DURECT looked at all the available preclinical models, not only in rats and mice but, also, in several other species. It has seen very consistent results in both NASH overall, as well as anti-fibrotic effects. So we're very eager to see what the impacts of this could be in the clinic. The company also released encouraging clinical data at EASL last month, in an early Phase 1b study.
The last company I would like to mention is NGM Biopharmaceuticals Inc. This is a private company that also presented at our conference. Again, I think this is a novel target. It targets fibroblast growth factor 19 (FGF19). This is targeting the same pathway as Bristol-Myers Squibb Co.'s (BMY:NYSE) compound but slightly different in that it is targeting a different isoform, FGF21. There are camps of clinicians and KOLs on both sides on whether one or the other will have better overall clinical impacts and effects on NASH and fibrosis, as well as a cleaner safety profile. We believe its profound effects on the reduction of de novo lipogenesis (DNL) is one of the more exciting results presented in Amsterdam last month at EASL, from its recent Phase 2 study.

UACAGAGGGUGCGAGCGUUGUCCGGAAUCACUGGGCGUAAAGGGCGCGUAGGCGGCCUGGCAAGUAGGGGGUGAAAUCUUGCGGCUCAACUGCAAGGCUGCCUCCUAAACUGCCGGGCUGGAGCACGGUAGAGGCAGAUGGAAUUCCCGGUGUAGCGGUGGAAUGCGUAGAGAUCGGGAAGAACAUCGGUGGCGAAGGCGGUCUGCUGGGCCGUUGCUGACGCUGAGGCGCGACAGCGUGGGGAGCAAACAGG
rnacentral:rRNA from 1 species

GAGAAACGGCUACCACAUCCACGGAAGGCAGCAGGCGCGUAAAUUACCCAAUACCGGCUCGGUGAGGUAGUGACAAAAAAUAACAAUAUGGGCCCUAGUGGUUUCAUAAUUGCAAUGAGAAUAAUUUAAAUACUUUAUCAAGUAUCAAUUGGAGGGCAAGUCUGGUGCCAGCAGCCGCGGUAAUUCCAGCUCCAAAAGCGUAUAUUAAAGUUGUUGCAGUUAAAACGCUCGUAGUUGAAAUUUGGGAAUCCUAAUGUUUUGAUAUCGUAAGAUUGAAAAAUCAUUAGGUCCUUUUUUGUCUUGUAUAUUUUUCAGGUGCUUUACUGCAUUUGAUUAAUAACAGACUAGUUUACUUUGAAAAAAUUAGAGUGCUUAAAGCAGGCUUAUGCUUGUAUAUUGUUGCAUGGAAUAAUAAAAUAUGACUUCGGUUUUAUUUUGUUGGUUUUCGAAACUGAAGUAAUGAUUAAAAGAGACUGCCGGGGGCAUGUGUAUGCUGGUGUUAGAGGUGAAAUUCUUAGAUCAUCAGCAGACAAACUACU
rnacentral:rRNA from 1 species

TLSR: Thank you, Ed. We look forward to checking back in with you as research progresses.
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Ed Arce is a managing director in equity research and a senior analyst covering companies in the biopharmaceuticals and specialty pharmaceuticals sectors for H.C. Wainwright & Co. Previously, Arce was a senior research analyst with ROTH Capital Partners. Prior to ROTH, he covered biotechnology, biopharmaceutical, specialty pharmaceutical and select medical device companies as an analyst at MLV & Co. Prior to MLV, Arce covered the biotechnology sector at Wedbush Securities, and large-cap pharmaceuticals at UBS Securities. Arce started his equity research career in 2005 as a research associate at First Albany Capital, covering specialty and generic pharmaceutical companies. He holds a Master of Science degree in finance (MSF) degree from Boston College, as well as a master's degree in business administration and a bachelor's degree in civil engineering, both from Florida International University. Mr. Arce is a board-licensed professional engineer, and a Level III CFA candidate.
1) Patrice Fusillo conducted this interview for Streetwise Reports LLC and provides services to Streetwise Reports as an employee. She owns, or members of her immediate household or family own, shares of the following companies mentioned in this article: None. She is, or members of her immediate household or family are, paid by the following companies mentioned in this article: None.